(KMOV.com) – A judge wants to expand a special court for veterans in St. Charles County.
Judge Philip Ohms said he wants to expand the Veteran’s Treatment Court, which used for veterans who are charged with crimes connected to substance abuse and mental illness. One court official said it helps veterans that try to self-medicate with drugs and alcohol after they comeback from combat.
“It's so difficult to ask for help, you have to understand you're dealing with warriors, we learned independence, we learned survival," said court official Bob Murphy.
Murphy, a Vietnam veteran, helps coordinate mentors who take part in the program where older veterans help younger veterans get back on track.
“Gives them the message that they're not the only ones that have gone through these things and they don't have to live their life the way they're doing it," Murphy said.
Ohms said the court works differently from a regular court because of the mentor system and because it uses treatment services provided by the VA.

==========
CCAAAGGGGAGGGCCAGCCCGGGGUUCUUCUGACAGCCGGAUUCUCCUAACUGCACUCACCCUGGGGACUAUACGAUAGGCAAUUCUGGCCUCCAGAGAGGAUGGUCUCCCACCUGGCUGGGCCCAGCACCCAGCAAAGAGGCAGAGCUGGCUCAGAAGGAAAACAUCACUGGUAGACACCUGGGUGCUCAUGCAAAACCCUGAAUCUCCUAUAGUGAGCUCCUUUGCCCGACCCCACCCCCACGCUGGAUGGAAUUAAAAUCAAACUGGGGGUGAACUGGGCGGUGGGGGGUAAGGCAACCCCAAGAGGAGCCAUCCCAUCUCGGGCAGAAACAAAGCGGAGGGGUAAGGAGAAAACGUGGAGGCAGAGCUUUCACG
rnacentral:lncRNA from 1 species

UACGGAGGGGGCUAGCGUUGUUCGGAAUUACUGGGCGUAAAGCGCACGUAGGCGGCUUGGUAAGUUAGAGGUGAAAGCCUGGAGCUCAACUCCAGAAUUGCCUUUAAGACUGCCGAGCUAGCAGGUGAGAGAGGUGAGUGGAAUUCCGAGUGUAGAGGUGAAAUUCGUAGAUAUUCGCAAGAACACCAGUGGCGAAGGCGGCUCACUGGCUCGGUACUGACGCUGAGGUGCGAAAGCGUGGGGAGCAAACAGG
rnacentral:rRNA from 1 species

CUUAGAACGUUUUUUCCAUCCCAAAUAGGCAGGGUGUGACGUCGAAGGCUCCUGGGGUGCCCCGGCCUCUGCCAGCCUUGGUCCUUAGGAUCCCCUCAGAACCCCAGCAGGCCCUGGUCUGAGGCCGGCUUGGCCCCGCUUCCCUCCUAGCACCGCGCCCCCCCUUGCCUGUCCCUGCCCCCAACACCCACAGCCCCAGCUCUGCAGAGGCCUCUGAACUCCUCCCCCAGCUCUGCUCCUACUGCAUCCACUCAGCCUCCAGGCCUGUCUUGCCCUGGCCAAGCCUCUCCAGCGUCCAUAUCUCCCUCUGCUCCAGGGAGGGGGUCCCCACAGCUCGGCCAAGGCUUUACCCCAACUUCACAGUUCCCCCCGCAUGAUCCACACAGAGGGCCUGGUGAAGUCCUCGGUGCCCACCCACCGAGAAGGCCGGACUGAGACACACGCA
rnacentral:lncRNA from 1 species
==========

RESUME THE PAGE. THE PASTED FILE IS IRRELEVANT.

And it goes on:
“That's the key component and that's the thing you don't get in regular treatment court," Ohms said.
Attorneys and judges said the court has more structure than a traditional court.
“Veterans seem to respond better to that it seems to be more in the tradition of their military service," Ohms said.
Supporters have said the court has been successful both the city of St. Louis and other parts of the country because of the way older veterans mentor younger veterans.
A veteran going through the program must perform community service, have a full time job, or go to school all under court supervision. Murphy said the program also saves money because the court costs $7,800 annually while it costs $22,000 annually to send someone to prison.